How to Deal with Criticism from Others

Let’s admit it, most of us don’t like to receive criticism and we view criticism as a negative experience. But we cannot control what others say to us, the only thing we can control is how we respond to it, learn from it, and move on. In every criticism there is a lesson to be learnt. Some of the criticism we receive might be helpful to us as it can be used in a positive way to help us improve, while other criticisms may be unsolicited and harmful. To be able to deal with criticism in a constructive and mindful way is an essential life skill. It is important to learn the difference between receiving helpful and un-helpful criticism, as this will consequently allow you to understand how to handle it. If we respond to criticism without careful consideration, it can easily lead to unnecessary suffering. In this post, we will explore how to deal with criticism from others generally, and then look at some specific scenarios.

Here are 9 things to remember that will help you when dealing with criticism from others:

  1. Always take your time to respond when you are given criticism. This will allow you to think it through clearly and enable you to understand how to deal with the criticism, giving you the time to respond mindfully and avoid acting irrationally.
  2. Imagine that the criticism you are receiving you are giving to a friend. Talk to your friend in a kind and compassionate way, this will help you see the criticism more clearly and from a positive perspective.
  3. Always stay calm, don’t raise your voice to match the other person’s tone.
  4. Keep a mindful perspective throughout. This means looking at the criticism in proportion; not focusing on just the negatives or just the positives, and trying to see the criticism in relation to the bigger picture.
  5. One person’s opinion, at one time, does not necessarily mean what he or she said is true or correct.
  6. If you know the criticism you are receiving is false, ignore it. Try not to waste your time and energy trying to prove someone wrong or allowing the false criticism to question what you already know to be true.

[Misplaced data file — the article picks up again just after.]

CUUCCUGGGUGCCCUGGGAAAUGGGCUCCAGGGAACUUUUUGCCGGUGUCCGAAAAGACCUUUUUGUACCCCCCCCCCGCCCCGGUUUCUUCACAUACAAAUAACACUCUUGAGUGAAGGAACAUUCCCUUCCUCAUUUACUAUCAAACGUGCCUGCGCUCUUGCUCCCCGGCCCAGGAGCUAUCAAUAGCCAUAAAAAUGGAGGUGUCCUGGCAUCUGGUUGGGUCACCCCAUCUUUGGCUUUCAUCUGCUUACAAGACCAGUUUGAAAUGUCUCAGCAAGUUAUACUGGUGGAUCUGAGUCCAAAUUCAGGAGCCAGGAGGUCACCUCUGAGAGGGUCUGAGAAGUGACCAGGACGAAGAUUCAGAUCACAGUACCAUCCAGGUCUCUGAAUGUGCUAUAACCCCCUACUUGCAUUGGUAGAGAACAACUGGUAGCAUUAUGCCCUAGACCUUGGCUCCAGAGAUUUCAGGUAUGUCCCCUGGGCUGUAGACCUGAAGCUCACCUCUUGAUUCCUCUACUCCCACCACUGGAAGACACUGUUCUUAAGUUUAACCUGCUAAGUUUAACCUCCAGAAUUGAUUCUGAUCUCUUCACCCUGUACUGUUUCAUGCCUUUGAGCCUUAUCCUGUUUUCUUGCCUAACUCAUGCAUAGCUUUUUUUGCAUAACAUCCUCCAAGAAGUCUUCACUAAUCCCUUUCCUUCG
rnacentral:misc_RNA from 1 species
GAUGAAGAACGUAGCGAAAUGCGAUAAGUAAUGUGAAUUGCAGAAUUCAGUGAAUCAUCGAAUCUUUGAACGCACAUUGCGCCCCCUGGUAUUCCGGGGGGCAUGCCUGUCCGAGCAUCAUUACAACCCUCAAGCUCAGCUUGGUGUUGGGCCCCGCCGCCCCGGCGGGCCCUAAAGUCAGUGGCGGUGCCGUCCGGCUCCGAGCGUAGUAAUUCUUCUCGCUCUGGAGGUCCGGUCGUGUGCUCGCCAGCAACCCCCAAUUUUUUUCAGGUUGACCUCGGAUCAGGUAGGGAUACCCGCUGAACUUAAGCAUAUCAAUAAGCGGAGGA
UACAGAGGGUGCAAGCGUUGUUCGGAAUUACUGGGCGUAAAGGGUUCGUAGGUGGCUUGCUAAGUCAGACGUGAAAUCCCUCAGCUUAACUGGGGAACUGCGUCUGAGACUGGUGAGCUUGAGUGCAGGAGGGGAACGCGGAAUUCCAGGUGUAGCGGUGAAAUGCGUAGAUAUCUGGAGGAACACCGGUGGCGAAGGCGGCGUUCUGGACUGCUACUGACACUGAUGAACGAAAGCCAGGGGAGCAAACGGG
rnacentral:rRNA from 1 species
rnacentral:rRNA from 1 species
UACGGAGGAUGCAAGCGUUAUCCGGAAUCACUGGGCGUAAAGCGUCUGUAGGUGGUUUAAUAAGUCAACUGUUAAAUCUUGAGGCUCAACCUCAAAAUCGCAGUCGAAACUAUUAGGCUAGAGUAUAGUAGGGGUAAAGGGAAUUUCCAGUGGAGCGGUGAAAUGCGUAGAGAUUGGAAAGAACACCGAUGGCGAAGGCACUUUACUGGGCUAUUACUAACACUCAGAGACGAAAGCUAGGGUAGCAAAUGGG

7. Always be compassionate towards the person criticising you – they may have things going on in their life which you are unaware of, making them stressed or angry and resulting in them taking their frustration out on you.
  8. There are some people who have a way of speaking that is quite direct and blunt. They are not intentionally trying to hurt you, it is just their way of communication.
  9. Always believe in yourself, don’t let other people’s opinions get you down.

We’ll now look at some specific examples of times when you might receive criticism. During these scenarios, remember to include all the points above which we have already discussed.

  • Criticism from people who don’t believe you:
There might be times in your life when someone doesn’t believe you, for example they might not believe that you have an illness or maybe they do not believe your situation is as bad as it seems. If, for instance, you are suffering from an illness which is known as an “invisible illness”, you might receive criticism from friends, family, strangers or even doctors, who don’t understand or try to understand your illness. They might say things like, “you’re not ill, it’s all in your head”, or “you just need to try this treatment to get better”.